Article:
Grand slams are not easy. I have been doing this for 10 years and I don’t have one. Greg has only been fishing for tarpon and permit once. And he got both in the same day. Not what normally happens but it can. In Xcalak and Chetumal Bay, the water is pristine and they protect their game species of fish so the numbers of particularly bonefish and permit is unmatched. Few places offer an opportunity like this for a grand slam.
About Acocote Eco Inn – The Inn is located 7.8KM north of Xcalak, on a pristine white sand beach. The Inn has 3 suites, each with 2 bedrooms, 2 baths, a living/dining area, and a full kitchen. There are bonefish flats within walking distance and other DIY opportunities abound. The Inn can connect you with knowledgeable independent guides or help you with your DIY days. The Inn also boasts the only fly shop in the Costa Maya, so if you have forgotten anything like leaders, tippets, flies, or even broken a rod or reel, the fly shop can get you back fishing in no time.
About Xcalak – Xcalak is a small (population 400) town on the Yucatan coast, just 8 miles from the Belize border. It is the gateway to Chetumal Bay. The town has 3 really good restaurants (Toby’s, Silvia’s and Gringo Dave’s) There are a couple of other restaurants further up the beach as well (Costa de Cocos, Tierra Maya). Even delivery pizza and craft beer are available. The Mexican government has declared the reef off of Xcalak a national marine park, so the reef and the surrounding lagoons are protected.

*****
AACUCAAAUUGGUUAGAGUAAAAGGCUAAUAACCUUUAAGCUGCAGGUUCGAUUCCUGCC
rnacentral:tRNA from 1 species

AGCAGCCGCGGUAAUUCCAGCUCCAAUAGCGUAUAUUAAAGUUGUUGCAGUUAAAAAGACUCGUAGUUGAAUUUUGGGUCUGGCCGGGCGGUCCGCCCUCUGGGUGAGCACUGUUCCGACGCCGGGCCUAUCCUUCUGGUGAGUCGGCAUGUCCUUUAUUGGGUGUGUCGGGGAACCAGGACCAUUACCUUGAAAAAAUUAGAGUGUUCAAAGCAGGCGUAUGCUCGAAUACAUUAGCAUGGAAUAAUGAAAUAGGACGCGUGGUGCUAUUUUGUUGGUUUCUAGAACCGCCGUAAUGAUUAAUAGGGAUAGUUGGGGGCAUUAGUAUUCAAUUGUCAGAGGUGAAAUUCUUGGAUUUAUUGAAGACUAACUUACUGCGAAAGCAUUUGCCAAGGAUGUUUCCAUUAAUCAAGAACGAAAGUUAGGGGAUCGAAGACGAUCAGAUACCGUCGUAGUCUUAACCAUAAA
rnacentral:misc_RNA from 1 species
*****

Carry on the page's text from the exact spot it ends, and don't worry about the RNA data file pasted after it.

Getting to Xcalak – You do have to work a bit to get to some of the best salt water flats fishing in the world. Your best bet is to fly in to Cancun. From there, rent a car and take the 5 hour drive down to Xcalak. The drive is mainly on well-maintained multiple lane roads. There are also numerous Mayan ruins you can explore on the way down if you want to make a day of it. It is recommended that you don’t drive after dark, as it is harder to see debris on the road, or the topes (speed bumps) that the Mexican road crews put around to slow you down. So if your flight into Cancun lands after about 12:00 pm, you are better off spending the night in Cancun, or you can drive a bit of the way down to Playa del Carmen or Tulum. Then make the rest of the drive the next day.